Patient Reviews

Epidural Steroid Injection

Spinal surgeons have concluded that neurologic deficit such as motor weakness or sensory loss is caused by neural compression. However, pain is produced only after the mechanical compression on the nerve has produced inflammation around the nerve. In turn, the inflammation causes swelling of the nerve which causes relative decrease in the space available for the nerve and the process continues and worsens. Since the inflammatory reaction is the basic underlying process, its blockade is of primary concern for the patient and the treating spinal surgeon. This process is begun by prescription of oral anti-inflammatory medications such as Motrin, Naprosyn, or the newer COX-2 inhibitors such as Vioxx and Celebrex. More powerful medications include the oral steroids which are used in more sever cases of inflammation and pain. In cases which oral medication has not produced the desire effect, your surgeon has the ability to deliver steroidal medication directly to the area of inflammation with an Epidural Steroid Injection. The 2 areas of the spine that steroid injections are placed are the cervical (neck) and lumbar (low back) area. Please refer to these pages for more specific information.

Routinely 3 injections are performed one week apart to produce maximal results. They are done in a procedure room under live X-ray guidance (Fluoroscopy) which guides the injection needle precisely to the are in question. Some physicians still make injections without fluoroscopy guidance but it has been shown that fluoroscopic guided injections produce consistent superior results. The skin is anesthetized with a numbing medication by utilizing a very small needle. Then a slightly larger needle is placed and advanced until it reaches the area of inflammation around the spinal cord. Care is taken not to penetrate the envelope surround the spinal cord. At that time a dye (fluid that can be seen under X-ray) is injected to confirm the position of the needle. If the position is confirmed to be satisfactory the steroidal medication is then injected in the area. Frequently patients will complain of increased pain for one day after the injection due to the placement of the needle.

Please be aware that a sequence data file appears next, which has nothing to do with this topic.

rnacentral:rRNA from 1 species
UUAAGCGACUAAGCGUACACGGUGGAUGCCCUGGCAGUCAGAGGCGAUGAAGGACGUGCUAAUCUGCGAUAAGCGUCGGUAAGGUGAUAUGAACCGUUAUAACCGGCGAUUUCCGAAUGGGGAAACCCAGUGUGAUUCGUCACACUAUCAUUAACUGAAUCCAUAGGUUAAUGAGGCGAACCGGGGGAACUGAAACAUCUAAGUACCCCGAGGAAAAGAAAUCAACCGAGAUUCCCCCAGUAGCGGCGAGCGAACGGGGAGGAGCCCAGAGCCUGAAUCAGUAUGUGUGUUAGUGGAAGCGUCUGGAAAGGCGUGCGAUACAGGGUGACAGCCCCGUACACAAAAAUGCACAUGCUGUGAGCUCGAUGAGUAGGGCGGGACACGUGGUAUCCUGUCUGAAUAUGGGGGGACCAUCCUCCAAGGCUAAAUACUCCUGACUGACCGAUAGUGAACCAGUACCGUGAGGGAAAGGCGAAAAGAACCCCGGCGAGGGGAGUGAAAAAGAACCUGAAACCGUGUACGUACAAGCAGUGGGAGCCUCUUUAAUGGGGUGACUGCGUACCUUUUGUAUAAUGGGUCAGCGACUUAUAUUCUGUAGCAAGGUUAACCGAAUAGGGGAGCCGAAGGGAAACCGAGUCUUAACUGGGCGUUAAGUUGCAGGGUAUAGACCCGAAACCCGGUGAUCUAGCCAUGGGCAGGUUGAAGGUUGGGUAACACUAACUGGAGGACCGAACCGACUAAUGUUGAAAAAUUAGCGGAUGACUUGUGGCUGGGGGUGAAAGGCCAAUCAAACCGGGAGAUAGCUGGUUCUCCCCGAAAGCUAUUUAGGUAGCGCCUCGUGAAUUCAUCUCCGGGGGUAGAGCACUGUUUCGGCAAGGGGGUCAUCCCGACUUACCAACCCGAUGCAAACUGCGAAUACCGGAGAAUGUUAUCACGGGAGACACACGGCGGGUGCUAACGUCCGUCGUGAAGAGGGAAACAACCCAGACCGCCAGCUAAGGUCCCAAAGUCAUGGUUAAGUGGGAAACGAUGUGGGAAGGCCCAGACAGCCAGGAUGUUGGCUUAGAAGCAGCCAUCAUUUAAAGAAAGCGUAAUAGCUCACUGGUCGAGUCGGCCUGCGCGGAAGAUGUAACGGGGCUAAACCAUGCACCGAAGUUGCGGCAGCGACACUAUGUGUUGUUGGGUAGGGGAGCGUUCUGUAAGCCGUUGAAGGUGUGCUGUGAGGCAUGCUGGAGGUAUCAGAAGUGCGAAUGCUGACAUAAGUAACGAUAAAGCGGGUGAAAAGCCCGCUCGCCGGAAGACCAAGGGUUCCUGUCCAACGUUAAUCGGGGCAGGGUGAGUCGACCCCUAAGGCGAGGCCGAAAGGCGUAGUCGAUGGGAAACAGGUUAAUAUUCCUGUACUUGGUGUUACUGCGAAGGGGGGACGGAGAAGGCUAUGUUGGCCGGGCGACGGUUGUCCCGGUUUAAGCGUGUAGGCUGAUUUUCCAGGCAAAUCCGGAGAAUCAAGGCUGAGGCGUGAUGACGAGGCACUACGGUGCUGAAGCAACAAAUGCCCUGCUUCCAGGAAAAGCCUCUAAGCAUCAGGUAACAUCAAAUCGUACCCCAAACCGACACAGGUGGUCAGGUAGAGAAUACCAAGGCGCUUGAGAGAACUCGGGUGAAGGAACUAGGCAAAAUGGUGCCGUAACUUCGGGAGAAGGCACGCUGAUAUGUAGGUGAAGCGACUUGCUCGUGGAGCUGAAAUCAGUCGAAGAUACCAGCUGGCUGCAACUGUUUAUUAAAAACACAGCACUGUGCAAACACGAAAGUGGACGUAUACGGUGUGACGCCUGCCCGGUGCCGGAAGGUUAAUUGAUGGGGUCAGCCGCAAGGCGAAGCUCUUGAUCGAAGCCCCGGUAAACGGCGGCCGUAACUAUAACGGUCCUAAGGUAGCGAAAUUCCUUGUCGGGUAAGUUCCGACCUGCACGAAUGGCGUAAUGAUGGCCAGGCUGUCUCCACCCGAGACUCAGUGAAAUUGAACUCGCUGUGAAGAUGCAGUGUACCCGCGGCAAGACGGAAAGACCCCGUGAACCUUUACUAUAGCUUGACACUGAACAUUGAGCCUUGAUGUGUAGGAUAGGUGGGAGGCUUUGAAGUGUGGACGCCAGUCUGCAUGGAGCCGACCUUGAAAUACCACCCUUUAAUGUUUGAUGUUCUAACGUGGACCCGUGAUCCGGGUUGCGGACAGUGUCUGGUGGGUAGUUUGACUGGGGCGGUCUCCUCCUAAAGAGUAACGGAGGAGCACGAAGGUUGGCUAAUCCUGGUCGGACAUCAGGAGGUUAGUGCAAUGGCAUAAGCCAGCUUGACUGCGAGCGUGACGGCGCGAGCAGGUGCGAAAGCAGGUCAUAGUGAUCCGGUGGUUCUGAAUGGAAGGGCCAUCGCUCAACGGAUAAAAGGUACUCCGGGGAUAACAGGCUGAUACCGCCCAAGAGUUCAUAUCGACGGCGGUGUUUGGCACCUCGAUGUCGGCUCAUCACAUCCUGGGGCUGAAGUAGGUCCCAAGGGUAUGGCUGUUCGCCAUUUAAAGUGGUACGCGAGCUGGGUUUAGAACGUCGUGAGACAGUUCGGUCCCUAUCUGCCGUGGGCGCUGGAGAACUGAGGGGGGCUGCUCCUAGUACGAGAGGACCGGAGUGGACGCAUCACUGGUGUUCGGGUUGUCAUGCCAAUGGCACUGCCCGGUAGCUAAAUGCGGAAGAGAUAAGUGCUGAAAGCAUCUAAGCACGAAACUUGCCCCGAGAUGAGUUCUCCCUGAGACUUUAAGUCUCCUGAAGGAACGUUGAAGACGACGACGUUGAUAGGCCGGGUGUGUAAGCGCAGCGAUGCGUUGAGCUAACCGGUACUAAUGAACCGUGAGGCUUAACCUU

The concentration of the medication has been measured previously and last for about 2 weeks in the area. Even though the medication is absorbed by the body, its effects can remain up to one year. Some patient benefit greatly from these medication and the symptoms may never recur. Approximately 50% of patients benefit from these injections. Patients with Herniated discs, Spinal Stenosis, degenerative disc disease, and Spondylolisthesis may benefit from these injections. The effects of steroids are twofold. First it may reduce the inflammation directly, secondly it may reduce the symptoms to a point that will allow the patient to progress more efficiently in a rehabilitation program.

Even though most surgeons agree regarding the benefits of Epidural Steroid Injections, no research studies have concluded the most efficient program in regards to frequency of injection (the number of injections, and the time between each injections. It has been accepted in the medical community that 3 injections are acceptable within one year. However, this regime could be tailored according to patient’s response.

Generally, rate of complications are low and the benefits in most cases outweigh the risks. Very low infection rates have been reported (<1%). If the needle is advance into the dural sac (through the envelop surrounding the spinal cord) fluid which surrounds the spine may leak. This may cause shift and change in fluid pressure and cause dizziness and headaches. Epidural injections should not be performed on patients how have spinal or brain tumor. Infection is another contraindication to steroid injections.